With the provisioning completed on Saturday morning, we all enjoyed one last lunch together at The Pub before we said our goodbyes to Karen and Kerry at the ferry dock. It was a great time having them aboard! With our farewells said, Ron and I headed back to Equinox, moving her from the rolly and lumpy anchorage in Road Harbour to the more protected anchorage at The Bight at Norman Island. The winds have really made the Drake Channel a sloppy passageway and we're happy to be tucked in the lee here. Need I say the weather forecast is getting a bit monotonous? Every day it says the same thing:
THIS AFTERNOON AND TONIGHT
FROM 11N TO 19N E WINDS 20 TO 25 KT. SEAS 8 TO 12 FT. ELSEWHERE NE TO E WINDS 15 TO 20 KT. SEAS 8 TO 11 FT IN NE SWELL. ISOLATED SHOWERS S OF 17N.
So...we're not heading anywhere fast, but then again, we're not on a schedule, which is the beauty of cruising. Instead, Ron and I used our time to make a scuba dive out by The Indians, diving the site called “Deep Indian”, where we explored the black-coral bushes so prolific in this area. The abundance of juveniles and reef fish is lovely to see --- a result, we believe, of no lionfish in the area. (We’ve not seen one as of yet, and we’re delighted.) We have seen a lot of morays, lobsters and southern rays in addition to the juveniles. The taking of lobster and conch while on scuba is prohibited in the BVI, and it’s clear the lobster know this, as they are rather unconcerned with a diver’s presence. And, after seeing the hundreds of empty conch shells littering the shorelines and reefs in the Bahamas, it’s a delight to see the many conch moving about on the sea floor here. Granted, they aren’t moving fast!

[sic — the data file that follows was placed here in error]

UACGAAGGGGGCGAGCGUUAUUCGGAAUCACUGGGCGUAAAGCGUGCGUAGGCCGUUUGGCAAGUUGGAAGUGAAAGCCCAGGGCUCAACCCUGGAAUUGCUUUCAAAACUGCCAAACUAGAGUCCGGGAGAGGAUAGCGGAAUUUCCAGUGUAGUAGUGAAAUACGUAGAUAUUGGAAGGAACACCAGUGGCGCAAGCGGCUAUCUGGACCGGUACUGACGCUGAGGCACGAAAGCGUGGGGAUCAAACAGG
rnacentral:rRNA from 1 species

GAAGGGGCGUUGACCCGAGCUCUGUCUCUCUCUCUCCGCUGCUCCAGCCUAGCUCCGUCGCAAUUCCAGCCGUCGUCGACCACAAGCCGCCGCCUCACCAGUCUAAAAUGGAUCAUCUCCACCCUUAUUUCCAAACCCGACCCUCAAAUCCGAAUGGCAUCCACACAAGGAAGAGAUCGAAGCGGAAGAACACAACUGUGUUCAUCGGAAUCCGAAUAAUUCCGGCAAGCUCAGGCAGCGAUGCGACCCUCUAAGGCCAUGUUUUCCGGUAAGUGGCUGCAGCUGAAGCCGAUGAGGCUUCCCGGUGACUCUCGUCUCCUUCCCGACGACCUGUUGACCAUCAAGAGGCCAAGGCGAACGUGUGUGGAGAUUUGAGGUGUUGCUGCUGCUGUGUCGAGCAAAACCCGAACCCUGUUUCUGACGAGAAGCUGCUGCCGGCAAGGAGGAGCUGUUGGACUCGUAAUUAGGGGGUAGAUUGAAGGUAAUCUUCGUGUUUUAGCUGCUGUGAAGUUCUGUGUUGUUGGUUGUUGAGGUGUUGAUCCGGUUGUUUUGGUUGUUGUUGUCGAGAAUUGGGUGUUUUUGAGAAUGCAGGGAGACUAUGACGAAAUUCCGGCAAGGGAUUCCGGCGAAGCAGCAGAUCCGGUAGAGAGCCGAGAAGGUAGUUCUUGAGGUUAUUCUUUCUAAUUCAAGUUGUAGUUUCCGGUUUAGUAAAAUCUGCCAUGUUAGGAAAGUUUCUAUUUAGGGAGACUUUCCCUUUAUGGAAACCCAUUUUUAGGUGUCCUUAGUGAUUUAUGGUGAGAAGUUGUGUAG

You can see quite a bit of marine life, even just snorkeling. The terrain is mostly sand and scrabbly rock covered with a profusion of hard corals, sea whips, sea fans, sponges, bluebell tunicates and soft corals. Ron saw a goldentail moray on our afternoon snorkel along the northern shoreline of the Bight, and I had fun watching a southern ray and several crabs in the shallows. In case you don't know what the heck a tunicate is, a tunicate is one of the most common marine invertebrates, but the least recognized. They can be solitary or grow in colonies, but basically they are small tubular animals with an intake siphon and an central outflow opening. I've found them in numerous small clusters here, ranging in color from pale lavender to a deep blue. Very pretty and delicate, they look like they are bits of blown glass. There's always something to see underwater!
|A photo of some bluebell tunicates, which grow in clusters.|
They are commonly found here in the waters of the BVI.